Backdrops & Buttes
Rizzo strolls past an enormous photograph of Bergman and into The Linens exhibition, which opened at CCA in February. The show features twenty paintings from the series and several smaller studies, lining the Tank Garage and Spector Ripps galleries in loose chronological order. Each painting is suspended a few inches from the wall to highlight the flowing physicality of the linen. Rizzo mentions that sheets of linen at this scale are often used for theater backdrops. It’s easy to imagine Bergman pacing this floor, reminiscing about the different stage sets she’d imagined for her life.
“When we first started planning this show, this room didn’t exist,” says Rizzo, pointing to a walled-off section in the center of the space that currently houses an installation by Tom Joyce. “Originally, the paintings were going to be hanging from the rafters in the middle of the space, in a sort of Zia formation.” The new approach to the installation was one of the many details that Rizzo had to firm up after Bergman’s death. “There are all sorts of things that I’d really like to ask her about,” she says.
Partway through the curatorial process, Rizzo left her role at CCA for a job as the programs and exhibits manager of CENTER, a Santa Fe-based nonprofit arts organization with a focus on emerging photographers. She’s also newly married and pregnant, though she isn’t showing quite yet. Even after her official departure from CCA in August 2017, Rizzo continued working on the show as a freelance curator. “I would have felt awful if I hadn’t gotten to do it,” she says. “I feel like that’s something I would have regretted for the rest of my life.”
Bergman made a number of career moves while she worked on The Linens. She left UC-Berkeley for an adjunct teaching position at the University of Oregon in 1975 and landed at University of California, Santa Barbara, as a full professor a year later. Koller notes that Bergman’s academic work allowed her the financial freedom to continue making art in the Bay Area; she completed an immersive installation piece at Santa Barbara Contemporary Art Forum in 1987 and exhibited extensively in California and elsewhere.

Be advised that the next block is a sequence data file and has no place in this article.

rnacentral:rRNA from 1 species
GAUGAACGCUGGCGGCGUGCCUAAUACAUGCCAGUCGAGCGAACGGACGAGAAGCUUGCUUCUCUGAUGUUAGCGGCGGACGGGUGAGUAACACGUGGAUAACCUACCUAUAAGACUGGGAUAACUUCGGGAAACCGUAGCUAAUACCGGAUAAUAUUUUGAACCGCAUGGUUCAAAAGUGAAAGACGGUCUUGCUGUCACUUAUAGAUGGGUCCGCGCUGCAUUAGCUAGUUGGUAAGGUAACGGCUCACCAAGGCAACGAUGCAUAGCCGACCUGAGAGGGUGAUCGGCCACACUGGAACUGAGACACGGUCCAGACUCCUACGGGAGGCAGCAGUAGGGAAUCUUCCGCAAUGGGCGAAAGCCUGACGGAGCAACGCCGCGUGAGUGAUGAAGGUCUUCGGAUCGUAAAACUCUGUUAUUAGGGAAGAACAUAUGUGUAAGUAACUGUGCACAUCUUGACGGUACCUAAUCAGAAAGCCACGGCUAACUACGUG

Rizzo turns a corner into the Spector Ripps space, where the final works in The Linens series are grouped together. Bergman referred to them as the Black Tools paintings, and they’re recognizably darker and more representational. “This is after she won the SECA award and was in the Whitney Biennial, and she started to question where she was in her career,” she says, approaching a 1975 piece titled Photodocumentation of the Tools Used in Performing the Fifth Ascent. The work references a book called Mount Analogue by early twentieth-century French novelist René Daumal, an allegory that sends a group of mountain climbers on a hunt for a mystical, possibly insurmountable peak. “Often, the first step defines the last,” Rizzo says. “I think she was questioning whether she’d hit the top of her career and if she would know when she had.”
After retiring from teaching in 2006, Bergman moved to New Mexico—a place she’d dreamed of living since meeting Georgia O’Keeffe at Ghost Ranch early in her process of painting The Linens. She built a studio at the foot of Cerro Pedernal, near Abiquiu, and later moved to Santa Fe, where she became a beloved member of the art community. She painted prolifically and passionately for the rest of her life.
Koller still sees a lot of work to do when it comes to marketing Bergman’s work, and her collaboration with Rizzo is hardly over. “To continue to promote her work as my moonlighting job, absolutely I’m going to do that,” she says. “I know it was a hope and dream of hers that this show would be a traveling exhibition. That’s my next step. I’m still pushing.” It’s clear that these women have yet to hit the summit of their shared endeavor. If they have anything to do with it, Bergman’s career as an exhibiting artist is far from over.